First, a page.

By RICK NEBEL
This is a response to Sharon Dry’s letter on the mill levy. I grew up in Springfield Illinois. Springfield is the capitol city of Illinois, and the State of Illinois is by far the largest employer in the city. In the 1960s those jobs were largely political jobs (this was before civil service) and most people would take those jobs with the idea that they would live in Springfield for 4 or 8 years and then go elsewhere. Consequently, a large part of the electorate felt that they didn’t have much vested interest in funding the city or its schools.
I’m a baby boomer, and our population group swamped the educational system. We desperately needed to add a fourth high school to the city. The high school I went to, Springfield High School, was opened the year after my grandmother graduated from the previous Springfield High School. Thus, even the existing facilities were not modern.
The only way to fund a new school was through a school bond issue. This is the only tax that people ever got to vote on. They voted it down at least 3 times. People didn’t come out and publicly oppose it, they just voted no.
Consequently, we had 2,500 students in a school that was built for 1,100. We were so overcrowded that we went on split shifts. The Juniors and Seniors went from 7 a.m. to noon and the Freshmen and Sophomores went from noon to 5 p.m. Instructional periods were shortened by 5-10 minutes. Study halls were eliminated. Most classes had over 30 students. There was no cohesion in the school at all since you never even saw half of the other students.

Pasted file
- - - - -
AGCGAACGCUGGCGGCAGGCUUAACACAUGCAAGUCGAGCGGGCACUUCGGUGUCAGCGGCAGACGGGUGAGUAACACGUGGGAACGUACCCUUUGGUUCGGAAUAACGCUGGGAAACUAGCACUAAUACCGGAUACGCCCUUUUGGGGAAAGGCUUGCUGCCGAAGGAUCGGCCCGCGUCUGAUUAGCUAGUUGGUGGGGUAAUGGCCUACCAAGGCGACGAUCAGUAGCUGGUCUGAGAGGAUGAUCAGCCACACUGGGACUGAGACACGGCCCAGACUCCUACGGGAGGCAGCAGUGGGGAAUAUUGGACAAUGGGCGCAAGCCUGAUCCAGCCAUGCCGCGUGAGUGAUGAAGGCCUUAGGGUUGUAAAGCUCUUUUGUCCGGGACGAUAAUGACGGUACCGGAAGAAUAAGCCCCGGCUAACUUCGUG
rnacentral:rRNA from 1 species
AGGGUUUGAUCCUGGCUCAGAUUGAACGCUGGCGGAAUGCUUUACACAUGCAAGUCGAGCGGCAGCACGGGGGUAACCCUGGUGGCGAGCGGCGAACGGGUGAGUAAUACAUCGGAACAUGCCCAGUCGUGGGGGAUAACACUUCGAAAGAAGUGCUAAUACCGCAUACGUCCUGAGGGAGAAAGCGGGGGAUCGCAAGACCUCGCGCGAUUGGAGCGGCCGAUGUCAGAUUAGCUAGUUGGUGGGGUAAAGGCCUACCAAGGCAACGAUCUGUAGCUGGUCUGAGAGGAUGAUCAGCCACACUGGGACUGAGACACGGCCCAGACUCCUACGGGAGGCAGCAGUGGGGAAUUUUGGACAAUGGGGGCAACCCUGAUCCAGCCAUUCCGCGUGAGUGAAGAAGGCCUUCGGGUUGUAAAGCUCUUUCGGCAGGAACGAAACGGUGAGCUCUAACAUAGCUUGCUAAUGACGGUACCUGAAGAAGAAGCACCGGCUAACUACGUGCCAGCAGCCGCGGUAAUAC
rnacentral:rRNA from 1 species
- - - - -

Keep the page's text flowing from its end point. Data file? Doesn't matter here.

However, the worst of it was the message that the adults sent to the students. The message was that they didn’t give a rat’s behind whether the students were educated or not. The students felt like they had zero support from the community.
I don’t have any children in the Los Alamos Public Schools. I also suspect that I pay more property tax than most people in the community do. I’m voting for the school bond issue. I don’t want to treat our students in Los Alamos the same way I was treated in high school.